I have a 4 year old boy, so we have a Superhero thing in my house. My kid pretends to have superhuman powers everyday. He pretends he has super fighting skills, or super rescue abilities or super flying powers. This is great fun, but I can't help but wonder which Superhero games we'd be playing if my 4 year old was a girl instead. After all, two thirds (65 %) of all animated superheroes are male and for the few female superheroes that do exist, their storylines overwhelmingly consist of a mentor character that they refer to for advice and guidance. Female superheroes are usually part of a team; rarely acting alone or as leaders, and of course they're usually represented physically with distorted and unrealistic body shapes and revealing clothing. Female superhero characters seem to be scripted as more emotional, excitable and concerned with appearance, and female cartoon characters who display extraordinary power and strength appear to compensate for the ‘atypical and boyish’ behaviour with over-emphasized stereotypical female traits such as eyelashes and excitability.

It's hyper-feminization, and it's everywhere. The Disney conglomerate and their numerous animated princesses have a lot to answer for in this regard. The ultra-feminine appearance of the princesses and their incessant quests to attain the attention and love of their respective ‘Prince Charmings’ is teaching nothing short of sex appeal to young viewers. Princesses are generally shown in sexually suggestive ways, and in fact some research has shown that females in animated contexts are more likely to be shown in more sexually revealing attire than live action females.

Jasmine from the Disney ‘Aladdin’ movie dresses in seductive ‘harem’ attire, while Ariel, from ‘A Little Mermaid’ sports a scant bikini throughout the film and the protagonist in ‘Pocahontas’ displays unwarranted cleavage throughout the cartoon film. This unhealthy emphasis on clothing, appearance and body, encourages young girls to view themselves through a lens of physical and sexual attractiveness; a trend that leads to a miserable and unhealthy relationship with our bodies. Aside from blatantly sexualizing young girls through the focus on beauty and heterosexual relationships, it also sends the wrong message to our little boys.

The hugely popular animated series ‘Thomas the Tank Engine and Friends’ sends further subtle messages to many young boys and girls. Consider that female characters account for less than 10% of the recurring characters in Thomas the Tank Engine shows. The Thomas the Tank Engine and Friends Website, describes one female train, ‘Mavis’, as a “feisty young diesel engine”, and informs viewers that a male character ‘Toby’ frequently has to keep her in line and help her to be better-behaved. Another female character, ‘Henrietta’ rarely carries a full load of passengers; and is described on the website as “quite content with her life on the Island”. ‘Elizabeth’ is described as “a beautifully restored vintage steam wagon”, while ‘Emily’ is a “beautiful engine with shiny paintwork and gleaming brass fittings”. ‘Daisy’, along with most of the other female characters in the show feature excessive eye- make up and lipstick as part of their animated face... they're trains for Christ's sake...make-up....is it really necessary? Anyway, the female characters are consistently described in terms of their appearance, and portrayed as passive, unimportant or incompetent around the rail-yard.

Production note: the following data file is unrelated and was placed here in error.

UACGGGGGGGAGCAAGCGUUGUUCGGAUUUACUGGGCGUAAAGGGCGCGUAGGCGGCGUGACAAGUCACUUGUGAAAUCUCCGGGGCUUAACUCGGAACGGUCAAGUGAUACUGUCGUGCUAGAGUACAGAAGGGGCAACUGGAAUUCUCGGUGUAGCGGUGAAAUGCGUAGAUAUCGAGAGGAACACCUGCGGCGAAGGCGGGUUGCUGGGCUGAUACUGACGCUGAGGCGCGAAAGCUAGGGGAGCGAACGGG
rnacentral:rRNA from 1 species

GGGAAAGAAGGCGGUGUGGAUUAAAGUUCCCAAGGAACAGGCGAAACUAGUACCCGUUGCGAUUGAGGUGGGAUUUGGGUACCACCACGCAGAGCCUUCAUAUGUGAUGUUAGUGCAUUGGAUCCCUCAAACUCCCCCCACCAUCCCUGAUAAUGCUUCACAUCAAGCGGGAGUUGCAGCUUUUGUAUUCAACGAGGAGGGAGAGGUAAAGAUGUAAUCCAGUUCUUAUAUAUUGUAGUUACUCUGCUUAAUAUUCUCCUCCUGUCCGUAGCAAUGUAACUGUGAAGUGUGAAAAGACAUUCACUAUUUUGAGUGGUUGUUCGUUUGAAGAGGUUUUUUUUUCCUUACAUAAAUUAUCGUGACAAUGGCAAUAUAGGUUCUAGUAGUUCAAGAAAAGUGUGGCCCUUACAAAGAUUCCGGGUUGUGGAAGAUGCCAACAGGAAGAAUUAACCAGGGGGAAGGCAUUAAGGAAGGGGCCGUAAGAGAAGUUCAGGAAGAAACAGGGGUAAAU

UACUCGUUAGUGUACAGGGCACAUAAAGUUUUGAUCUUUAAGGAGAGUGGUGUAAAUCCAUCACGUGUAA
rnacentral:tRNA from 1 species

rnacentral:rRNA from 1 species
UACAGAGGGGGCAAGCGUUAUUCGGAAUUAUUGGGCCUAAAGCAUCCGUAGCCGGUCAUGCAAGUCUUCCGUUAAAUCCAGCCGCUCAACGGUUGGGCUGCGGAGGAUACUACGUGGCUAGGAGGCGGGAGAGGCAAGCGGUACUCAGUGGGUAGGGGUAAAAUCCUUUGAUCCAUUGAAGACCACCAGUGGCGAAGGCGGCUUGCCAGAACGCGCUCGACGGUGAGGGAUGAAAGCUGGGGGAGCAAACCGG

As harmless and innocent as they may seem to an uncritical eye, both short cartoons and feature length animated movies both send powerful, compelling messages to their young viewers about socially acceptable roles for males and females. I have a critical eye. I carefully control what my kid watches and when...and most importantly we talk about the stories and characters on the screen. So when he came home from nursery school the other day and told me that they watched "Beauty and the Beast", we had a chat about what that story was about.

He told me about the part where Belle and her horse come across some wolves and the Beast comes to save her. When I asked him why the Beast had to come and save Belle, my son said 5 words. "Because she is a girl."

I'm not a neurotic feminist, blasting Disney and other kid's programming for no reason. Those 5 words are a pretty damn good reason. I can't control everything my kid watches, or everything he is taught, but we'll keep talking...I'll keep encouraging him to question what he sees and hears...and I can only hope that eventually some of it rubs off.